Hardcover. Actual size of book: over 9" x 12"; all photographs in full color. Color on every page.

An Up-To-Date Book on Stars and Stellar Evolution

A Society of School Librarians International Honor Book

Age Level: 9 and Up

Now in its Second Printing


Good Reviews: 13

Bad Reviews: 0

Read an excerpt from THE LIVES OF STARS!


A huge cloud of gas and dust...The Orion Nebula is a nursery where thousands of stars have been born.

A brilliant blue-white star...Rigel will live fast and die young.

A wispy cloud of beautiful colors....The Crab Nebula is where a huge star has exploded.

An invisible black hole, tearing apart a nearby star...Nothing can escape Cygnus X-1, not even light.

The wonders of the stars are yours in this spectacular explosion of deep space. Using the most beautiful photographs available, Harvard-trained astronomer Ken Croswell leads a tour of the stars--the young, the living, the aging, and the dead. He also describes how the stars made life possible on Earth--and perhaps on planets throughout the cosmos.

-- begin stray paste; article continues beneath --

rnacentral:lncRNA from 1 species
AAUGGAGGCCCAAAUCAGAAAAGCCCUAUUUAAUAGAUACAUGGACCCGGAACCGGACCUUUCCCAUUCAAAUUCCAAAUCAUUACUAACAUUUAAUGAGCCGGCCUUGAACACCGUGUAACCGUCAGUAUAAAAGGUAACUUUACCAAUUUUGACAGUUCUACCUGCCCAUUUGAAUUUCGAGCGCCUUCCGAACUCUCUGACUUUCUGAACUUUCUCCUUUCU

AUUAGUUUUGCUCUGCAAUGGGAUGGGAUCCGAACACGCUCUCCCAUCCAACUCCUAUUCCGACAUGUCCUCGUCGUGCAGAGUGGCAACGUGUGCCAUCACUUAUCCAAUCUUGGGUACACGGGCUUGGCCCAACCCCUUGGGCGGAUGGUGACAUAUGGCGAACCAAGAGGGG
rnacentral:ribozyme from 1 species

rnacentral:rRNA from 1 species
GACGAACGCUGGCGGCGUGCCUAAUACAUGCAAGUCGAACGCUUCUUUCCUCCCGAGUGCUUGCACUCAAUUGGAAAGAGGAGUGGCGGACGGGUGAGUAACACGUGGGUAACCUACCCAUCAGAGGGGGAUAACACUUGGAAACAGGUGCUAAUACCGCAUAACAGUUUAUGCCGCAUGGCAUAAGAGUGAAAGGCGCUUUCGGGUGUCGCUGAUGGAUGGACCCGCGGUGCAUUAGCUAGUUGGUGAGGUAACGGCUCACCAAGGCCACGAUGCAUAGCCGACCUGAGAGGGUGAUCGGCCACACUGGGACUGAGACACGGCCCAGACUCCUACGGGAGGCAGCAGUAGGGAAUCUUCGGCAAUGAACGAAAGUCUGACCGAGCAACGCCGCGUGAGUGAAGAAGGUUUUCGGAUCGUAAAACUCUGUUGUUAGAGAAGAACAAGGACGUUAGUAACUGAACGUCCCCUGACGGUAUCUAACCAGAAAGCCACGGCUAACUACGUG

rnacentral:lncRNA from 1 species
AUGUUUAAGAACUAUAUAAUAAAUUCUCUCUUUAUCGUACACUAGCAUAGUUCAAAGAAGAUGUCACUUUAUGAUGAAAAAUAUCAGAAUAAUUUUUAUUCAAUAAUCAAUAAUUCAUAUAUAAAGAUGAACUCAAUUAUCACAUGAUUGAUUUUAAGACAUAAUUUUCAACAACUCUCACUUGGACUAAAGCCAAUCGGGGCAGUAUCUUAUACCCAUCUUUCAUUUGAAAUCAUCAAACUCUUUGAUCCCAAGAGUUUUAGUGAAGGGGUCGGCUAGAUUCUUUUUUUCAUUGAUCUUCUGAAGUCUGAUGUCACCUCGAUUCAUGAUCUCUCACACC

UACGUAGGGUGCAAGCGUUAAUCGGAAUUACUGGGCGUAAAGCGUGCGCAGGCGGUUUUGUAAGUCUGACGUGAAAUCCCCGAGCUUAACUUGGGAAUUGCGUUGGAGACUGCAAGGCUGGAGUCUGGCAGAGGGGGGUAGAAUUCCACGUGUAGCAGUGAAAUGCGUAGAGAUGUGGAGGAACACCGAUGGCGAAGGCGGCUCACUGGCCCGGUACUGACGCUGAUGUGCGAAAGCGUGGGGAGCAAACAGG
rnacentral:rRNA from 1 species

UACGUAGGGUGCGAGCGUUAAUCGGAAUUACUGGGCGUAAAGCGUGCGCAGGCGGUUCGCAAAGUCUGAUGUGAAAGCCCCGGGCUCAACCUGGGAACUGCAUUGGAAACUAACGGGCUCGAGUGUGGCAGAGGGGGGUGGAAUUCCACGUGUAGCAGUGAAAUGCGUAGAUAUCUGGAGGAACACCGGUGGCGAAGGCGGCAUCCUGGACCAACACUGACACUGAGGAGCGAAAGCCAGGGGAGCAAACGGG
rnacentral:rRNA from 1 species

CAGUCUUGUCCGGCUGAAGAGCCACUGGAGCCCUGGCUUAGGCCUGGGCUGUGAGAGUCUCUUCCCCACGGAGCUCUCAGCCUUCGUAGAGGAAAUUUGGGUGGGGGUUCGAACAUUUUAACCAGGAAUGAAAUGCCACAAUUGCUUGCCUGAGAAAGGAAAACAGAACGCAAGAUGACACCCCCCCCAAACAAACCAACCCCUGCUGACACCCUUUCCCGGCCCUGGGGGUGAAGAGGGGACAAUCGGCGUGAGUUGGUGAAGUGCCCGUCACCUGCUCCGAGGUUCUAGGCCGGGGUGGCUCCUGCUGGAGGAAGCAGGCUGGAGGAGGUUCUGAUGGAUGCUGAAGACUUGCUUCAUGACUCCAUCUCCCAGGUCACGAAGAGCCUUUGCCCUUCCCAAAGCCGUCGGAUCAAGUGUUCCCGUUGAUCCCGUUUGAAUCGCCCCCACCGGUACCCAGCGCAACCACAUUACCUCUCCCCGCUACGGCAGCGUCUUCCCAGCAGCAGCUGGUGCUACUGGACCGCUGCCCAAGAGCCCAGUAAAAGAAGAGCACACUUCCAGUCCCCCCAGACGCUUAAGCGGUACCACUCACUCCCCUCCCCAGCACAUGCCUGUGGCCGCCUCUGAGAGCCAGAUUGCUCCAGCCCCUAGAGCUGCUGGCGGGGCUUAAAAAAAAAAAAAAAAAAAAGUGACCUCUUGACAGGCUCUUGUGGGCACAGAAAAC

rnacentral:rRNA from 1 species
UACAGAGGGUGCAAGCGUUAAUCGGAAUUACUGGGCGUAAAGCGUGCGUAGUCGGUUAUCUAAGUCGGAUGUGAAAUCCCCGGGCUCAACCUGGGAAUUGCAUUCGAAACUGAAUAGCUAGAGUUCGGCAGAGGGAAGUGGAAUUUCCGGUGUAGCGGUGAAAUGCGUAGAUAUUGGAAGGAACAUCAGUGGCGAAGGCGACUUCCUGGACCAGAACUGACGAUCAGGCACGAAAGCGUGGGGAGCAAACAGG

"Ken Croswell's THE LIVES OF STARS is a wonderful astronomy book for young people--for anyone, for that matter. Well written, beautifully illustrated, it takes sophisticated modern concepts and makes them clearly accessible. I wish I could have had a book like this one when I was young."
--Dr. James Kaler, University of Illinois at Urbana-Champaign, author of Stars and Stars and Their Spectra

"A terrific book. I am enjoying The Lives of Stars immensely. It is very well written, aimed with precision at young readers, and is filled with inspiration to get these readers to enjoy the stars. I would not be surprised if a whole generation gets inspired to study astronomy after reading this wonderful book."
--David Levy, discoverer of 22 comets

"This is a great book for the astronomy enthusiast. If you're beyond the basics and want to talk about astronomy the way astronomers do, then this is the book for you."